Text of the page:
League success – is three the magic number?

From Sheffield FC to FC United of Manchester, clubs have been born with the same ambition: to become the greatest in the world.

In France, this sentiment is echoed loudly by the capital city’s starlets Paris Saint Germain. Relatively speaking they’re a new club, formed in 1970 with the merging of Stade Saint-Germain and Paris FC.


For a brief time in the early 90s this dream of footballing conquest almost became a reality with Ligue 1 titles and pantheons of the game like George Weah and David Ginola in the side.

It was short lived success however, and soon they dropped back to mid-level mediocrity. The story always ends the same.

Now, with the backing of Qatar Sports Investments, that flame has been reignited. And with bottomless funds, this time the dream could finally become reality. Well, in theory at least. But is it possible? Are logistics standing in their way?

It seems like an strange question to ask, but the odds may be slightly stacked against them and it will be the other French sides who have the ultimate say. If we examine the various top-level leagues in Europe, we may find that three is indeed, the magic number.

If you look past PSG, the quality in Ligue 1 drops off quite dramatically. This isn’t the first time this has happened to French football in recent years.

For Lyon, the glory days of the noughties and players like Karim Benzema, Juninho, Gregory Coupet and Eric Abidal are but a distant memory. It was a time when Les Gones consistently reached the last eight of the Champions League and had won seven domestic titles on the trot.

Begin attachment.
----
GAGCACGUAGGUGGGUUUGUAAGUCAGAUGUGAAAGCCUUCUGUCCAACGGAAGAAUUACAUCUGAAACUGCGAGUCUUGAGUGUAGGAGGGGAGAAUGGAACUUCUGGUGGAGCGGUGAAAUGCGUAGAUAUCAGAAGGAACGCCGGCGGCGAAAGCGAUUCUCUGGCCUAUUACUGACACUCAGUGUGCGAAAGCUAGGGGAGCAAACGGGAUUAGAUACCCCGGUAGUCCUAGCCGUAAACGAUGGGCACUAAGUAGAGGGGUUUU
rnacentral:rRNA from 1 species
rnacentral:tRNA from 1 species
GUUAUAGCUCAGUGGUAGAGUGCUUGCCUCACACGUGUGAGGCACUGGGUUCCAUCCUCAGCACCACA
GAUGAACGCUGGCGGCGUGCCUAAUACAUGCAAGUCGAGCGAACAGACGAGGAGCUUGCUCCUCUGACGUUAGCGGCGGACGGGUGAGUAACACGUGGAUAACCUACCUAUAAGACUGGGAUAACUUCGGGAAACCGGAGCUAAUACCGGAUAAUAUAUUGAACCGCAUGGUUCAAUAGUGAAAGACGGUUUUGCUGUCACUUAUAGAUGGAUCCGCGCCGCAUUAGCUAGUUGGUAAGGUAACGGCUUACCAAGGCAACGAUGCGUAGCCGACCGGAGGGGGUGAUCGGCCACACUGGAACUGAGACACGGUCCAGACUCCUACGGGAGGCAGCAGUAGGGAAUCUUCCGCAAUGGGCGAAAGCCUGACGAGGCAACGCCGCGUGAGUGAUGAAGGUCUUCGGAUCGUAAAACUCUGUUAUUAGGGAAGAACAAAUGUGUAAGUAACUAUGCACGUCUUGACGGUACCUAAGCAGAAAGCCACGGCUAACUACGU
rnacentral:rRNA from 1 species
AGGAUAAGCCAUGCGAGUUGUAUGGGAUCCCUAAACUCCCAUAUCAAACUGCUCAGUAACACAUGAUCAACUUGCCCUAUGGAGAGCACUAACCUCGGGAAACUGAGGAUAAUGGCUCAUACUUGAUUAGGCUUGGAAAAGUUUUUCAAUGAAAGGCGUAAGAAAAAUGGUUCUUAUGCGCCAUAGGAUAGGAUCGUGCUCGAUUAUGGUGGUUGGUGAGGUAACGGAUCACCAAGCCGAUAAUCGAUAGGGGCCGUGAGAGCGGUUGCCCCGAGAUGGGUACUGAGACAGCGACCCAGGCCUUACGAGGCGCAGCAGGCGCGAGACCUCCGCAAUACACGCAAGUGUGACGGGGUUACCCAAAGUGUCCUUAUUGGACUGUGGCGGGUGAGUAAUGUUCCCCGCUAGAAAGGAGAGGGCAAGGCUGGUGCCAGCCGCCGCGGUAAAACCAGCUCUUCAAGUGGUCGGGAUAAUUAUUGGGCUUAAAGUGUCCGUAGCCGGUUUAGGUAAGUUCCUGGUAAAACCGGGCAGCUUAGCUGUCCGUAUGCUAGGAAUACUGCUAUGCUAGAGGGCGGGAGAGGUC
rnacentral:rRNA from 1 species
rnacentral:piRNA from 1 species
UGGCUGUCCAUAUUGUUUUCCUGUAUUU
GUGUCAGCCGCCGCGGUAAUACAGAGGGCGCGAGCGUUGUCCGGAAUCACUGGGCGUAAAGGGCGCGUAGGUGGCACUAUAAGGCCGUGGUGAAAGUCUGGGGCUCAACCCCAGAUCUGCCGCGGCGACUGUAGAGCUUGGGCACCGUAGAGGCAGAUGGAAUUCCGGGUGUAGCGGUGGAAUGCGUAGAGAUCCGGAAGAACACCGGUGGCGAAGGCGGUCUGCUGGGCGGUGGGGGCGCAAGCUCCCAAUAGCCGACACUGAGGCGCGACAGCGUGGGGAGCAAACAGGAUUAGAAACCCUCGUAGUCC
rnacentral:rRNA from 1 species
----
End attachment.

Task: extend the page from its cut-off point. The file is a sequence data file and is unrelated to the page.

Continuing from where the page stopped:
But therein lies the problem – they needed a rival. A competitor. Someone to look over the garden fence and sneer at with hopes and aspirations of club dominance. It’s sad, but throughout this seven season run, they became a selling club.

Michael Essien, Mahamadou Diarra, and the aforementioned Abidal and Benzema could never be persuaded to stay long and all moved to bigger, better things. In recent years, Lyon can be found flailing around the Europa League.

These are a crucial few years for both PSG and Ligue 1, and they will be looking closely at their counterparts in Germany, where Bayern Munich could be about to suffer the same problems.

We laughed at the time, but Thomas Muller’s joke about training being more difficult than Bundesliga matches may be one that comes back to haunt both himself, and the club.

Similar to PSG, the German champions will be quietly hoping that a rival emerges from the chasing pack sooner rather than later. Borussia Dortmund are the best equipped, though they’re still adjusting to a more relaxed tempo under Thomas Tuchel, and they’re still finding consistency.

They have eyes on the 2016-17 season. But can someone else pick up the sling and challenge Goliath? Unfortunately, we may be entering a period of Munich dominance.


Bayer Leverkusen, Wolfsburg and Schalke are the likely suitors but it’s hard to see any of them provide Bayern with a stern test in the immediate future.

More so, it’s hard to see any of them being able to provide a sustained challenge for years to come. It mirrors the situation in France where PSG’s closest competitors Lyon, Monaco, Marseille and Lille may simply not have enough in the armoury to lay siege to the capital for longer than a season or two.

Monaco have realised that even with tax-breaks, bottomless reserves mean nothing when you have a small fanbase and a small stadium bringing in little revenue. The principality are reverting back to living within their means for now, meaning it’s unlikely their short spurt of glory will be be repeated for some time.

It’s a crude comparison, but let’s take a quick look at our Gaelic brothers in the UK. News from the Scottish Premier League has been dire for some time now, even before Rangers were demoted to the bottom tier.